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CERD examination of China raises Tibet autonomy question
Wednesday, 12 August 2009 07:08

 

China was examined by the Committee on the Elimination of Racial Discrimination on 7 and 10 August, raising specific questions about the status of ethnic minority-dominated areas such as Tibet and Xinjiang, and highlighting the need to improve social welfare and infrastructure in ethnic minority-dominated areas.

 

Following questioning to determine the implications of the ‘one state, two systems’ operating between ‘mainland’ China and Hong Kong and Macao Special Administrative Regions (allowing these areas to have their own capitalist and political systems, while mainland China maintains a ‘socialist’ system), the Committee enquired as to why a similar system could not therefore be rolled out to the Tibet and Xinjiang provinces. The Chinese delegation dealt with the proposition in a vague and summary manner, and sought to differentiate the regions highlighted on historical grounds, arguing that it would threaten national unity to take such action without popular support.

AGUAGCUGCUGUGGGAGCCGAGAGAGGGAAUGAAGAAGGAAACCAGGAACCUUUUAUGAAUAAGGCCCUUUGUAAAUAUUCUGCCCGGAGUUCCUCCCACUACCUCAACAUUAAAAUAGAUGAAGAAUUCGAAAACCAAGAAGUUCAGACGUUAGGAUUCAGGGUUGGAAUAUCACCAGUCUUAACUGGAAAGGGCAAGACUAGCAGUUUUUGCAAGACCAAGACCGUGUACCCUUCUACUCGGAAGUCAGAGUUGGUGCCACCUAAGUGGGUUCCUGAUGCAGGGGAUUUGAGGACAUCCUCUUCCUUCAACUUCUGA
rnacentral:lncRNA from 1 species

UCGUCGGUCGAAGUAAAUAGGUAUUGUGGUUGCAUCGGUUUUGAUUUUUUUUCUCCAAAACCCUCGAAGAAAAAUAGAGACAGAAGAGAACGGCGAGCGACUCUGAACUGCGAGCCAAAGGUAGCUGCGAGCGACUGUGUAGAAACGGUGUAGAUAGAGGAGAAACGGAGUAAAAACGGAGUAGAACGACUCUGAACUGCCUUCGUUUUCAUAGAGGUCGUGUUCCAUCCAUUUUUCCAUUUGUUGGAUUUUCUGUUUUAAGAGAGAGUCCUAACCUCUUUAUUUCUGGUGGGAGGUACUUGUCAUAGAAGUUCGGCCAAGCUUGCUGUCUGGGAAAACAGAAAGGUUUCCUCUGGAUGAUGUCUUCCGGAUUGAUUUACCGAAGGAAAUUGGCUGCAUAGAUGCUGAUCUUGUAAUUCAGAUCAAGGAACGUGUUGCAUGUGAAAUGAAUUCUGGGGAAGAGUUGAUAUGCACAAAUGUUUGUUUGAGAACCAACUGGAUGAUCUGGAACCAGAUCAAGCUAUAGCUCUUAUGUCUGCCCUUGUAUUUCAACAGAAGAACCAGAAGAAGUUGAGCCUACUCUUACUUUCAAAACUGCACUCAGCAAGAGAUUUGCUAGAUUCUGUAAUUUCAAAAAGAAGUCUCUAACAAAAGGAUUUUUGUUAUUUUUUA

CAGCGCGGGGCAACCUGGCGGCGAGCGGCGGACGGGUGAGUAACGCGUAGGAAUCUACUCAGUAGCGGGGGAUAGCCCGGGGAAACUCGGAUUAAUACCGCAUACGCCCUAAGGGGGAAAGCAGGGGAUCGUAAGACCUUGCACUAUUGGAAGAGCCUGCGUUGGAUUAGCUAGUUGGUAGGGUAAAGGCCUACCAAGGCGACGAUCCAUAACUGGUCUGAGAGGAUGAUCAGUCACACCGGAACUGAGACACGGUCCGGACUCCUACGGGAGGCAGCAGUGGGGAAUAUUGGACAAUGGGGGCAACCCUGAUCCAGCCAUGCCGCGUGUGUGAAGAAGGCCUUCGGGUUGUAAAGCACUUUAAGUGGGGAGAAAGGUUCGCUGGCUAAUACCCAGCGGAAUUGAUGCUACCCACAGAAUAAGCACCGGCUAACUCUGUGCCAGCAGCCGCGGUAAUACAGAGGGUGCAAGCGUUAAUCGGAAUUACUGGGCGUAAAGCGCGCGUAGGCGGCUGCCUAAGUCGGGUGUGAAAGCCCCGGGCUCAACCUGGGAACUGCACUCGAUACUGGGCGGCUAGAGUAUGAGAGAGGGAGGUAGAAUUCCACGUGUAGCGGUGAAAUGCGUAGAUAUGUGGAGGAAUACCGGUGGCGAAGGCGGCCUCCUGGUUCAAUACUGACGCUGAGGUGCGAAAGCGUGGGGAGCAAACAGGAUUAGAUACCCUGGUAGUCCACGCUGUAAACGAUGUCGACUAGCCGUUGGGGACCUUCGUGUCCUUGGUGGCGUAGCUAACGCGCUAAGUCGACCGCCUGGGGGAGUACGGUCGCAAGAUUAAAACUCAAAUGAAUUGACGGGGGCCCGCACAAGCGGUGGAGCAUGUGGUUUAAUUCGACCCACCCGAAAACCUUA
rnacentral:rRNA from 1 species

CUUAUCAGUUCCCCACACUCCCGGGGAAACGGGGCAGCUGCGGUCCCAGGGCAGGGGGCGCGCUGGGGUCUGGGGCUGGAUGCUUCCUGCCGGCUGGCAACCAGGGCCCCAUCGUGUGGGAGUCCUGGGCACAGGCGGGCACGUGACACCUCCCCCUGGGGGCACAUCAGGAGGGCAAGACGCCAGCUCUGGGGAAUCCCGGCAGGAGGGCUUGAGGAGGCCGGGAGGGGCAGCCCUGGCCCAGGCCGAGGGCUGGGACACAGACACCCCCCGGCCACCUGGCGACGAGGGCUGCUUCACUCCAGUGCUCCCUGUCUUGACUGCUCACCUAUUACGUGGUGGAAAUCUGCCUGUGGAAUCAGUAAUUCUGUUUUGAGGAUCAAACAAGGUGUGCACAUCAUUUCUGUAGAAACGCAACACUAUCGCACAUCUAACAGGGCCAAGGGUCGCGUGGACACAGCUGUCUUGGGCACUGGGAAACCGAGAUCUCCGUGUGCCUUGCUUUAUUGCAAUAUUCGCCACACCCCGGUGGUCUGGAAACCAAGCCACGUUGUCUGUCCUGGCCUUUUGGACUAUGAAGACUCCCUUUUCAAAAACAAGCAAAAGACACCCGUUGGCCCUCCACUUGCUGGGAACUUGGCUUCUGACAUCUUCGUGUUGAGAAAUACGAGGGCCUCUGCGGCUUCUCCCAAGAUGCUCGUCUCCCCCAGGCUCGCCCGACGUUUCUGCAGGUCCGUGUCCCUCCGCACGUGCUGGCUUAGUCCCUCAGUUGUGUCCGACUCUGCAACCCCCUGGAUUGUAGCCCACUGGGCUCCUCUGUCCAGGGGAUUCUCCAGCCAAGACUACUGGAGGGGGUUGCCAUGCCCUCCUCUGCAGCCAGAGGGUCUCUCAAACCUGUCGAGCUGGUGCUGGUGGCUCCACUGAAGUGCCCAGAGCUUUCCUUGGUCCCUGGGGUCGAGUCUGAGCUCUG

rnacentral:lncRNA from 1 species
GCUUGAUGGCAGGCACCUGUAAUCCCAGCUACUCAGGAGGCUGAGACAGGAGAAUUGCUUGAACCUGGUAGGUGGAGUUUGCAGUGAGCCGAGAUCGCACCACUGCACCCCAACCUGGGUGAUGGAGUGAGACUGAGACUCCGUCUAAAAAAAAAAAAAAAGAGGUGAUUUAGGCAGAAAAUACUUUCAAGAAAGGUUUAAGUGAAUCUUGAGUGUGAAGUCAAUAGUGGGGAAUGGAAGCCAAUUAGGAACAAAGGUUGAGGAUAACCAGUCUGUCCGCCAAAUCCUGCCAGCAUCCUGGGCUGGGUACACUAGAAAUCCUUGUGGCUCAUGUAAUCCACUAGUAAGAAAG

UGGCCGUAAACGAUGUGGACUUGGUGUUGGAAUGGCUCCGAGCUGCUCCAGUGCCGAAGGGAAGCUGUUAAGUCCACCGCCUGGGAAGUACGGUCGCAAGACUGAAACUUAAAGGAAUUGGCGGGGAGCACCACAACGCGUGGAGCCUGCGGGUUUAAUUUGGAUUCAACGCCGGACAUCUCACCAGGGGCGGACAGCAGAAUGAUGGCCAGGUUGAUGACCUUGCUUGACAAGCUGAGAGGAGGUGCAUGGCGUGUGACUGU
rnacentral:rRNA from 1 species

Other topics of the debate focused on possible discriminatorypractices in education and law enforcement. The Committee expressed itsconcern for those arrested in connection with the recent disturbancesin Tibet and Xinjiang and sought reassurances that they have beentreated in accordance with national and international standards. Itfurthermore reminded China that economic development coupled with a‘surprising’ lack of court cases relating to racial discrimination doesnot necessarily imply that human rights obligations, including inrelation to economic and social rights, are being observed and enforcedby the State.

 

The Committee’s Concluding Observations are scheduled to be released by the end of the current session on 28 August.
Last Updated on Thursday, 05 November 2009 03:08
 
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